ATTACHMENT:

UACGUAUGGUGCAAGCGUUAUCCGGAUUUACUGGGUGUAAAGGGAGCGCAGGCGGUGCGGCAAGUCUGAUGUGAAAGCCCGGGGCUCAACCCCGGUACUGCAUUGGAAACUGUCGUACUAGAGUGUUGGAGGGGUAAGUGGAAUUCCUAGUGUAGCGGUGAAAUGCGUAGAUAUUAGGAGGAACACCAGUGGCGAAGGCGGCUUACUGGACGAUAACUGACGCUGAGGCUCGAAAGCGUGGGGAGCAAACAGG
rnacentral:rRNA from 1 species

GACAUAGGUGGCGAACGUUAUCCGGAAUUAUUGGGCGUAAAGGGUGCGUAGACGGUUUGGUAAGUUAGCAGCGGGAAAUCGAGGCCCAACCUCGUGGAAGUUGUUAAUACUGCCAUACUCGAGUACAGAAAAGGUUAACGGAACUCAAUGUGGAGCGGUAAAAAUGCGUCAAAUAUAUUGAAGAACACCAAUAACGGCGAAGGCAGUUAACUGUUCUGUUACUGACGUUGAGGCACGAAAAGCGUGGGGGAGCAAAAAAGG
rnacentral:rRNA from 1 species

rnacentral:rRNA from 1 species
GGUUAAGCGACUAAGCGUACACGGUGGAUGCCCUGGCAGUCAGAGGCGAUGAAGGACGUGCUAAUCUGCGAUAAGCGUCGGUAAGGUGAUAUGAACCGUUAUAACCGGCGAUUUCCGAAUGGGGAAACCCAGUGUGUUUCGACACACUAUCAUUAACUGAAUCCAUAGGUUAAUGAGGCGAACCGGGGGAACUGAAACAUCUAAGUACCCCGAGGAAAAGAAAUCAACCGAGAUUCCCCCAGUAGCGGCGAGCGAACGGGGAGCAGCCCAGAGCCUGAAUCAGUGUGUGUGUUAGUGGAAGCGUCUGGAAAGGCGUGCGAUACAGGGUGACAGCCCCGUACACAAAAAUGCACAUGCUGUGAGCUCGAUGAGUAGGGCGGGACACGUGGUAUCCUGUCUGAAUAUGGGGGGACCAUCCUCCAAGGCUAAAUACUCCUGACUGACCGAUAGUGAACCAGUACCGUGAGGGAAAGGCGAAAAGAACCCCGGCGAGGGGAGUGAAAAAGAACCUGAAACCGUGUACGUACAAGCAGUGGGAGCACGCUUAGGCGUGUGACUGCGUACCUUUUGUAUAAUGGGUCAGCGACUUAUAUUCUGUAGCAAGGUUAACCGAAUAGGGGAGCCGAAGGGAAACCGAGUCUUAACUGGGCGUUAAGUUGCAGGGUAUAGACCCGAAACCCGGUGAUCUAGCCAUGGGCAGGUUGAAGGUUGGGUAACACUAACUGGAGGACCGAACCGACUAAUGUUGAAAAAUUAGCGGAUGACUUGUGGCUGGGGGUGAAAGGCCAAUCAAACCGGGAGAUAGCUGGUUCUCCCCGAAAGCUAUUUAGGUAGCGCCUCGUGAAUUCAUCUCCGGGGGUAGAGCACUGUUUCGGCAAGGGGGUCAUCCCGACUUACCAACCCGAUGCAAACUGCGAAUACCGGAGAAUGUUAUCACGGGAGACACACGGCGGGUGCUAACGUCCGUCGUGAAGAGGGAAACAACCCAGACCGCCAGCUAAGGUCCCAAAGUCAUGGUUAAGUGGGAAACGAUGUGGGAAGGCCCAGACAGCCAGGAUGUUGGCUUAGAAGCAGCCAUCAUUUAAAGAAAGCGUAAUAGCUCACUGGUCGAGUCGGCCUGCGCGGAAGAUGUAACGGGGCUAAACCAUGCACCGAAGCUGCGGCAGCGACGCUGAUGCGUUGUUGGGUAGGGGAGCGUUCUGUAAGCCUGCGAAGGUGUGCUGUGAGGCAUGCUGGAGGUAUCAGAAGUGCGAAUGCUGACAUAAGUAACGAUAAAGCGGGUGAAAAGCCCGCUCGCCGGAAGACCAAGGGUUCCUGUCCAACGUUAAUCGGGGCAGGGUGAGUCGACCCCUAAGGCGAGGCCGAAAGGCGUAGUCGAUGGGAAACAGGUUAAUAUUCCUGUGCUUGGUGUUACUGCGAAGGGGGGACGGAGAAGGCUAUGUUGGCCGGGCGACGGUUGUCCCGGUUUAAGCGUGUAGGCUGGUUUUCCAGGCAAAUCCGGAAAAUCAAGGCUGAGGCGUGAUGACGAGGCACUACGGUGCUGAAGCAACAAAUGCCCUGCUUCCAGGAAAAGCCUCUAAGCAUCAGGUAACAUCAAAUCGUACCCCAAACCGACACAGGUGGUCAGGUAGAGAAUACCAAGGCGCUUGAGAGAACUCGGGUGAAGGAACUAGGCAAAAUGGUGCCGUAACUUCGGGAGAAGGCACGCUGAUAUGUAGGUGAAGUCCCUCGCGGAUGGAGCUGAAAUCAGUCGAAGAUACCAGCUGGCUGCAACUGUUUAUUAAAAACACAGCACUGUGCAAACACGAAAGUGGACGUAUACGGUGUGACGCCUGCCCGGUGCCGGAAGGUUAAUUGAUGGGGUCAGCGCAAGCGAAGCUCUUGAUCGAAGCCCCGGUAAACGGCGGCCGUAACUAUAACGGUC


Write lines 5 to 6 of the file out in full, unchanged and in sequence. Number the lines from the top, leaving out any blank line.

rnacentral:rRNA from 1 species
GGUUAAGCGACUAAGCGUACACGGUGGAUGCCCUGGCAGUCAGAGGCGAUGAAGGACGUGCUAAUCUGCGAUAAGCGUCGGUAAGGUGAUAUGAACCGUUAUAACCGGCGAUUUCCGAAUGGGGAAACCCAGUGUGUUUCGACACACUAUCAUUAACUGAAUCCAUAGGUUAAUGAGGCGAACCGGGGGAACUGAAACAUCUAAGUACCCCGAGGAAAAGAAAUCAACCGAGAUUCCCCCAGUAGCGGCGAGCGAACGGGGAGCAGCCCAGAGCCUGAAUCAGUGUGUGUGUUAGUGGAAGCGUCUGGAAAGGCGUGCGAUACAGGGUGACAGCCCCGUACACAAAAAUGCACAUGCUGUGAGCUCGAUGAGUAGGGCGGGACACGUGGUAUCCUGUCUGAAUAUGGGGGGACCAUCCUCCAAGGCUAAAUACUCCUGACUGACCGAUAGUGAACCAGUACCGUGAGGGAAAGGCGAAAAGAACCCCGGCGAGGGGAGUGAAAAAGAACCUGAAACCGUGUACGUACAAGCAGUGGGAGCACGCUUAGGCGUGUGACUGCGUACCUUUUGUAUAAUGGGUCAGCGACUUAUAUUCUGUAGCAAGGUUAACCGAAUAGGGGAGCCGAAGGGAAACCGAGUCUUAACUGGGCGUUAAGUUGCAGGGUAUAGACCCGAAACCCGGUGAUCUAGCCAUGGGCAGGUUGAAGGUUGGGUAACACUAACUGGAGGACCGAACCGACUAAUGUUGAAAAAUUAGCGGAUGACUUGUGGCUGGGGGUGAAAGGCCAAUCAAACCGGGAGAUAGCUGGUUCUCCCCGAAAGCUAUUUAGGUAGCGCCUCGUGAAUUCAUCUCCGGGGGUAGAGCACUGUUUCGGCAAGGGGGUCAUCCCGACUUACCAACCCGAUGCAAACUGCGAAUACCGGAGAAUGUUAUCACGGGAGACACACGGCGGGUGCUAACGUCCGUCGUGAAGAGGGAAACAACCCAGACCGCCAGCUAAGGUCCCAAAGUCAUGGUUAAGUGGGAAACGAUGUGGGAAGGCCCAGACAGCCAGGAUGUUGGCUUAGAAGCAGCCAUCAUUUAAAGAAAGCGUAAUAGCUCACUGGUCGAGUCGGCCUGCGCGGAAGAUGUAACGGGGCUAAACCAUGCACCGAAGCUGCGGCAGCGACGCUGAUGCGUUGUUGGGUAGGGGAGCGUUCUGUAAGCCUGCGAAGGUGUGCUGUGAGGCAUGCUGGAGGUAUCAGAAGUGCGAAUGCUGACAUAAGUAACGAUAAAGCGGGUGAAAAGCCCGCUCGCCGGAAGACCAAGGGUUCCUGUCCAACGUUAAUCGGGGCAGGGUGAGUCGACCCCUAAGGCGAGGCCGAAAGGCGUAGUCGAUGGGAAACAGGUUAAUAUUCCUGUGCUUGGUGUUACUGCGAAGGGGGGACGGAGAAGGCUAUGUUGGCCGGGCGACGGUUGUCCCGGUUUAAGCGUGUAGGCUGGUUUUCCAGGCAAAUCCGGAAAAUCAAGGCUGAGGCGUGAUGACGAGGCACUACGGUGCUGAAGCAACAAAUGCCCUGCUUCCAGGAAAAGCCUCUAAGCAUCAGGUAACAUCAAAUCGUACCCCAAACCGACACAGGUGGUCAGGUAGAGAAUACCAAGGCGCUUGAGAGAACUCGGGUGAAGGAACUAGGCAAAAUGGUGCCGUAACUUCGGGAGAAGGCACGCUGAUAUGUAGGUGAAGUCCCUCGCGGAUGGAGCUGAAAUCAGUCGAAGAUACCAGCUGGCUGCAACUGUUUAUUAAAAACACAGCACUGUGCAAACACGAAAGUGGACGUAUACGGUGUGACGCCUGCCCGGUGCCGGAAGGUUAAUUGAUGGGGUCAGCGCAAGCGAAGCUCUUGAUCGAAGCCCCGGUAAACGGCGGCCGUAACUAUAACGGUC